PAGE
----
The second half of the second millennium BC, the late Bronze Age, is known from a settlement in the Shamal area, which has been partly excavated by a German Mission of the University of Goettingen. Built at the foot of the rising mountains, it showed traces of ‘arish’ style housing, typical of the United Arab Emirates until as recently as 50 years ago. Large amount of shells and fish bones discovered from the area indicate that the people relied on the Creek, which was probably not far away. Dates and animal bones discovered from the area suggest that farming was also common during the period.
Iron Age (1’200 – 300 BC)
The Iron Age here is best known from finds from the southern part of Ras Al Khaimah where a number of graves were discovered. Some of them were oblong with four rooms, others were shaped like a horseshoe and some others were circular in shape. Archaeologists have discovered painted pans and large number of stone engraved decorated pots made of chlorite from them. One of the most significant discoveries was a stone with the drawing of a phoenix engraved on it. The drawing of this imaginary bird resembled those painted in Assyrian palaces in Northern Iraq. In Northern Ras Al Khaimah there are two settlements shaped like hillocks. The settlement in Khatt was discovered in 1968. The other is in Shamal. Both settlements represent life in the northern region in the Iron Age.
The Hellenic and Parthian Era (300 BC -300 AD)
The later pre-Islamic time, the Hellenic and Parthian Period, is also evident in the northern parts. Survey projects launched by the Antiquities and Museums Department have led to the discovery of some historical sites in the northern and southern districts of Ras Al Khaimah. These sites include individual tombs and reused old graves found in Shamal, Asimah and in Wa’ab / Wadi Muna’i.
The Sasanian Occupation Era (300 AD – 632 AD)
The Sasanian occupation of Ras Al Khaimah is now becoming increasingly evident. A team of archaeologists have founded a small site on the island of Hulaylah that was occupied during the Sasanian Period. Recently two other sites were found in Khatt. The most significant discovery of this era during the three-phase exploration campaign was a Sasanian citadel. It was built mainly to have full control over the fertile plains in the north of Ras Al Khaimah. This monument was evacuated when Islam was adopted in the UAE area. For the early as well as for the later Islamic Periods, Ras Al Khaimah is the most important Emirate regarding the archeological heritage. The early centuries of Islam are well presented in Kush and at the island of Hulaylah.
The Abbasids Era (750 – 1’250 AD)
This period of history featured the great unified Islamic Empire and the huge expansion of trade with East Asia. This era was embodied in small areas in the Arabian Gulf. The presence of two of these areas in Ras Al Khaimah helped it to play a great role as a bustling trade route in the early Islamic Era. One of these places was Al Khoush which was a castle abandoned by the Sassans during the Islamic expansion in this area. It was reoccupied by people who lived in it for the next seven centuries. The second place is situated in the Island of Hulaylah. It was a structure made of palm leaves. Its ruins are few and vague, however they are considered to be of great historical importance. Both the sites were known as a part of Julfar, which was an old town well known to Muslim travellers and geographers. Some Abbasid pottery and Chinese porcelain pots imported from Iraq and elsewhere were found in these two areas. The antiquities show us how far people of Julfar were deeply interested and involved in trade at that time.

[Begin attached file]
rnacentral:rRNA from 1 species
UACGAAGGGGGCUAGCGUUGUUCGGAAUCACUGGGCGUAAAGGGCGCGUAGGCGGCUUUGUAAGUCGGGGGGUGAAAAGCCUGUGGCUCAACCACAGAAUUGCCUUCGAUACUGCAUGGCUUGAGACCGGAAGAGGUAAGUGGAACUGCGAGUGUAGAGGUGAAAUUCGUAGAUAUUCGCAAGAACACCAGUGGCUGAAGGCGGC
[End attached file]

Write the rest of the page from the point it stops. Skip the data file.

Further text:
The Later Islamic Era (14th – 19th century)
In the middle of the fourteenth century, Kush and the Island of Hulaylah were deserted. People began to settle on sandy beaches near the coast. This area was called Julfar. It was discovered by the famous archaeologist Piatris in 1968. Many archaeological expeditions were delegated to the area by France, Britain, Japan and Germany. They all showed that Julfar was a vast populated area from the fourteenth up to the seventeenth century. The town was built of baked mud bricks and protected by a mud wall, 2.5 meters thick and 4 meters high. It was a main center of trade in the lower part of the Arabian Gulf. Julfar was famous for its vast and flourishing trade with distant areas. The finds of porcelain and pottery from here were imported from Arab and European countries. It was the hometown of the famous Arab navigator, Ahmad Ibn Majid who was called “The Lion of Seas”. Julfar was famous for its quality pottery made in Shamal and the Valley of Haqeel which were among the main centers for making and distributing pottery pots throughout the Gulf countries. The pottery industry prevailed for more than 500 years. The last abandoned pottery oven was in the Valley of Haqeel, 30 years ago.
The recent History (19th – 20th century)
Even the more Recent History (19th & 20th Century) is well presented in the National Museum of Ras Al Khaimah. In the recent years the Department of Antiquities and Museums has conducted several surveys to collect the data about traditional buildings. 75 standing towers built of mud-brick or stone and mortar were registered during a survey. Recently, a survey concerning the existence of old mosques located more than 20 sites, which were older than 30 years. They have been recorded, planned and photographed by a Belgian team and reflect the unique and important architectural tradition of religious buildings in the United Arab Emirates in general and the Emirate of Ras Al Khaimah in particular.